Parenting by instinct

I have a confession to make: I haven’t read any books about what to do with toddlers. Maybe because I’m scared of what they say. Or maybe because I’ve decided that parenting by instinct feels more right to me.

I read a lot of books while I was pregnant. I studied Early Childhood Education at university (yes, it was a long time ago, but I still remember lots of fundamentals). I read lots books during the first year of Bubba’s life. But since then, aside from lots of online articles, I haven’t yet sat down to read a specific book that says to me: this is what your toddler should be doing.

She is healthy, growing, has a great appetite, and although she’s on the small side, I think (and so does our doctor) that is just her DNA. She’s probably going to be petite. Lately she’s gotten a little taller but lost a little weight. Her appetite hasn’t slowed though. How do we suppose I bottle that little trick and sell it to make squillions?

She is happy, caring and interactive. She is inclusive and loving. She is a good little girl who helps her mumma, picks up the dog’s bowls after they’ve eaten so they can be put away, tidies her toys away, goes to bed when asked to and sleeps well.

Sure, we have the odd day when she’s not so great. But hey, we all have those days. They’re far outnumbered by the great days, so I’m not worried.

I spend time with her at her level. A lot of it. We play with Bella and Beary. We read. We talk about colours. We count. We tell stories. We dance. We sing. We draw. We paint. We giggle. We walk. We talk about the world around us. We’re still. We move. We kiss and cuddle. We hold hands. We have fun. Lots of it.

And I am incredibly grateful that I don’t miss moments like these.

not missing these moments

Less and less am I to be found doing household jobs that I know should be getting done while she’s awake and in my company. I’ve got a more important thing to do: spend time with my Bubba. Before she grows up and I wonder where that time went and why we didn’t spend more time together.

Those jobs can wait. Or they don’t get done. And I’m now almost okay with that.

I have read a couple of things about toilet training, but she’s not shown me that she’s ready yet, so I’m not going to push it. That’s what my instinct tells me too: when she’s ready, she’ll let me know. Just like she has at every other developmental phase.

I wondered a few days ago at what age other kids dropped their middle of the day sleep. Then I pushed that thought aside. When she’s ready to go straight through (hopefully not for another year or so at least!) she’ll let me know.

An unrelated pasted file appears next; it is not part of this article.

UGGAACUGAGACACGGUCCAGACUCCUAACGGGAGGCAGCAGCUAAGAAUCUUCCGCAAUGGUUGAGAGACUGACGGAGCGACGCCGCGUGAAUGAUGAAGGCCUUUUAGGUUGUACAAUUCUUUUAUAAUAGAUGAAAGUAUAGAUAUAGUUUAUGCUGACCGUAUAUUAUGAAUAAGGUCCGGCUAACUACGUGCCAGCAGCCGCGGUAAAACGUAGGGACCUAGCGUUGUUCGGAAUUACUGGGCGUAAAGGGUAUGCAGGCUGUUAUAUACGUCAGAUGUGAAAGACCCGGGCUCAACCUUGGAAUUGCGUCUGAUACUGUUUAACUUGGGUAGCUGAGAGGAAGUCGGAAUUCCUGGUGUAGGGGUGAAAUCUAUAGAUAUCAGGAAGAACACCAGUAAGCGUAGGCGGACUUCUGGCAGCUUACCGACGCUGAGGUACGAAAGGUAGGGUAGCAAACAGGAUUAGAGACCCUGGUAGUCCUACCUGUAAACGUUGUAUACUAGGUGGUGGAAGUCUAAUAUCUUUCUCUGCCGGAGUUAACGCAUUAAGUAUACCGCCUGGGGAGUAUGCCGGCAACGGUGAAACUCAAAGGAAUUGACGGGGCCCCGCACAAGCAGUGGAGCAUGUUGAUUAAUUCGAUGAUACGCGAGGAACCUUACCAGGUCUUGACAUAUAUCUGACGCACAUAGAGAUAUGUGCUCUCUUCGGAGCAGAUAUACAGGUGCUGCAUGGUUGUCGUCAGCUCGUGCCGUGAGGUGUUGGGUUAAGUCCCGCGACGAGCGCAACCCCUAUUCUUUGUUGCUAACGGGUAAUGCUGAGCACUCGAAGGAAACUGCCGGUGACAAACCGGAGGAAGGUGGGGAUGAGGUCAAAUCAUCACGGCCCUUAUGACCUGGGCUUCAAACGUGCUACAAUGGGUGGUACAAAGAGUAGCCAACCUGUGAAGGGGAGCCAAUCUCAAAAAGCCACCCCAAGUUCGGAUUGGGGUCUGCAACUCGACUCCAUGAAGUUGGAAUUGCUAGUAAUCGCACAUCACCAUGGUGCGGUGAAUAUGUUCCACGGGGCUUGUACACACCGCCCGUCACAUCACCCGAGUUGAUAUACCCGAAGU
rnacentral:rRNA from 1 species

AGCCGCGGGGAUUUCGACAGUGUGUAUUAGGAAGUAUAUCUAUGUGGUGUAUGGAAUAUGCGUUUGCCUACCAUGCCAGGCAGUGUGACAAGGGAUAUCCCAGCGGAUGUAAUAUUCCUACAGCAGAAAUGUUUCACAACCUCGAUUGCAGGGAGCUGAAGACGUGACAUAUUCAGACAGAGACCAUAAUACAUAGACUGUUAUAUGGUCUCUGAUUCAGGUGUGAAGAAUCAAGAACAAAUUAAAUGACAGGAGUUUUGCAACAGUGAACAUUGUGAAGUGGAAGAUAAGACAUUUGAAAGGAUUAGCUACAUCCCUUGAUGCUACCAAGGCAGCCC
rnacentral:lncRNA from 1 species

Then I smiled. Because at the time I had that thought, we were all on my bed and she was having her middle of the day bottle. Which some other kids her age don’t have anymore. But that’s them. And she’s her. And while she winds down for her sleep laying on my bed with Bella and Beary, stroking my arm or with her legs entwined with mine, every fibre of my being says we’re doing everything right.

For us.

5 Comments Add yours

  1. Bianca Dye says:

    Sigh…….

    BIANCA DYE Co-host *The Marty & Bianca Breakfast Show* i98FM

    biancadye@gmail.com twitter.com/biancadye Instagram ‘Biancadye’

    1. Lis says:

      Bianca, I sent you the link to this blog by email a few months back and I’m so glad you are enjoying it! Hope it helps you with any decisions you are yet to make πŸ™‚

      I’m currently 11 weeks into my pregnancy journey and whilst the all day nausea and exhaustion are taking their toll, I can’t wait to share these moments once my bubba is born. In the meantime, any books you recommend for pregnancy/newborn?

      1. Hey Lis, I had feel-like-I’m-hungover-and-there’s-nothing-I-can-do-about-it morning sickness for 8.5 months, so I feel your pain! Go see as many movies as you can. I miss going to the movies πŸ™‚ Jamie Oliver’s wife Jools wrote a book called Minus Nine to One and it’s fabulous. Not a what to do book, but still a great read. Kaz Cooke’s Up The Duff was my go to pregnancy book. I liked it because all of the important information is in there, but there’s also a good dose of Kaz Cooke humour. I read (although was frightened by!) The Contented Baby. The regimen in there was too much for me, but now that she’s almost two, I can tell you without question that a routine has been vital for Bubba. To this day she’s in bed by 7pm. She knows her cues for her day/downtime, etc. I may have missed out on a lot of social activities, but what I have is a very happy Bubba. x

  2. I love instinct. It’s worked perfectly for aeons – and I think there’s a reason for that! xo

  3. Janet Dubac says:

    Parents of today are overwhelmed with information–parenting books, classes, TV shows and etc that provide various viewpoints on discipline, education, nutrition and every other conceivable child rearing topic. Although I think these things are helpful at some point, I still believe that us parents should be comfortable with trusting our instincts when it comes to raising our kids.

    I believe my parents never had any of those parenting lessons and relied solely on their instincts, and I think I turned out just fine. πŸ™‚ And I am pretty sure using the same method with my own children will still work out well.

    Continue to enjoy every bit of being a mother. πŸ™‚

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